Scicon Aerocomfort Road 3.0 TSA Review

I recently bought a new bike, which is a sweet 2017 Specialized Venge ViAS Disc. A simple mention of the bike gives me an excuse to put up a photo of it.


Photo of my Specialized Venge ViAS Disc taken at the top of Tai Mo Shan in Hong Kong

Anyway, I digress, with the disc brakes and the fully internal cables came with a few problems for traveling with the bike.

Problem 1: Fully internal cabling and hydraulic disc brakes meant that after loosening the handlebars there was not enough slack in the cables to let me either twist them down or remove them to use a standard hard case bike box.

Problem 2: With disc brakes, manufacturers have made a shift from the age-old quick-release skewer to a stiffer, more precise thru-axle skewer. This means that many of the bike cases that use quick-release skewers were not compatible.

I have been using a basic Serfas Bike Case for years now but that was out due to Problem 1. I also thought about the uber-expensive Douchebags The Tour but it was out due to Problem 2. I was left with basically only one option, which is the Scicon Aerocomfort Road 3.0 TSA. The older 2.0 version was also not compatible due to Problem 2.


The Scicon Aerocomfort Road 3.0 TSA fully packed.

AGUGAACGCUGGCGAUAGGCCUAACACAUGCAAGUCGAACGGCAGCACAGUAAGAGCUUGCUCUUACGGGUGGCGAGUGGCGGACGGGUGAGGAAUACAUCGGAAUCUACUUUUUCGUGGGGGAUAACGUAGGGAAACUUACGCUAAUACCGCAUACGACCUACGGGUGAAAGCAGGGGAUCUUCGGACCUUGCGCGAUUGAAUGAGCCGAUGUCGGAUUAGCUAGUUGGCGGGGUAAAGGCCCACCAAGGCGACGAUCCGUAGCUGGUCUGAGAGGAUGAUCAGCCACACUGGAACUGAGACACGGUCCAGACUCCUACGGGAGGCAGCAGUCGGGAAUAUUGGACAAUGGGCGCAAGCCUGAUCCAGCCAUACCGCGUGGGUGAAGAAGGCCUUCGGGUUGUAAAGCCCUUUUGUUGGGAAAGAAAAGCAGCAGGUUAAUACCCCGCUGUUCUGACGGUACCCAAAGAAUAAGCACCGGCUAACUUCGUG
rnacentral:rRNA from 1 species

Since the bike bag is relatively new, I thought it would be useful for people to have a review of it and also some details on how it handles a thru-axle bike with disc brakes. I’ve now actually made two different trips using it from my home in Singapore to both Hong Kong and to Italy/Spain. That’s a total of 6 flights and many baggage handlers tossing it around without any issues.

The Good

  • It is very very easy to pack and unpack. You can read the same in any review of the the scicon bags. Since I’ve used a basic hard case for a while, this actually was a really nice change since it packed up in 25min despite the extra work I decided to do for extra protection.
  • It wheels around the airport extremely well. We had to walk some long distances within airports to/from rental cars and taxis and with the multi-directional wheels, it was really a breeze. I could push luggage with one hand and pull the bike with another.